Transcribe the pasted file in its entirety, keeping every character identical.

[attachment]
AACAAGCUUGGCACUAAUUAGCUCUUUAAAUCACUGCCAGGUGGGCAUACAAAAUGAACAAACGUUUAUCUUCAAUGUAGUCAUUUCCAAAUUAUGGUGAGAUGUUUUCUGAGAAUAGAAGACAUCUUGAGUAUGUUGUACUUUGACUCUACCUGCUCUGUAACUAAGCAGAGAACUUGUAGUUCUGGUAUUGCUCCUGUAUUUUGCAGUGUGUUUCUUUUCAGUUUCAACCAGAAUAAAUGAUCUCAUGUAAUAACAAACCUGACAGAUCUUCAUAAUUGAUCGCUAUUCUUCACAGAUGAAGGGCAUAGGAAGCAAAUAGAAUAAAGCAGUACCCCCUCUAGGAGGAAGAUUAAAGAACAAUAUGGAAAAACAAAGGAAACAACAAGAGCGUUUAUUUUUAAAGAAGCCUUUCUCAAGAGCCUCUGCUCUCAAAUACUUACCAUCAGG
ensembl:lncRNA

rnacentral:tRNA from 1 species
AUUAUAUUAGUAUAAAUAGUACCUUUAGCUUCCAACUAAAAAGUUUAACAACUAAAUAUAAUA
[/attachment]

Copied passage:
AACAAGCUUGGCACUAAUUAGCUCUUUAAAUCACUGCCAGGUGGGCAUACAAAAUGAACAAACGUUUAUCUUCAAUGUAGUCAUUUCCAAAUUAUGGUGAGAUGUUUUCUGAGAAUAGAAGACAUCUUGAGUAUGUUGUACUUUGACUCUACCUGCUCUGUAACUAAGCAGAGAACUUGUAGUUCUGGUAUUGCUCCUGUAUUUUGCAGUGUGUUUCUUUUCAGUUUCAACCAGAAUAAAUGAUCUCAUGUAAUAACAAACCUGACAGAUCUUCAUAAUUGAUCGCUAUUCUUCACAGAUGAAGGGCAUAGGAAGCAAAUAGAAUAAAGCAGUACCCCCUCUAGGAGGAAGAUUAAAGAACAAUAUGGAAAAACAAAGGAAACAACAAGAGCGUUUAUUUUUAAAGAAGCCUUUCUCAAGAGCCUCUGCUCUCAAAUACUUACCAUCAGG
ensembl:lncRNA

rnacentral:tRNA from 1 species
AUUAUAUUAGUAUAAAUAGUACCUUUAGCUUCCAACUAAAAAGUUUAACAACUAAAUAUAAUA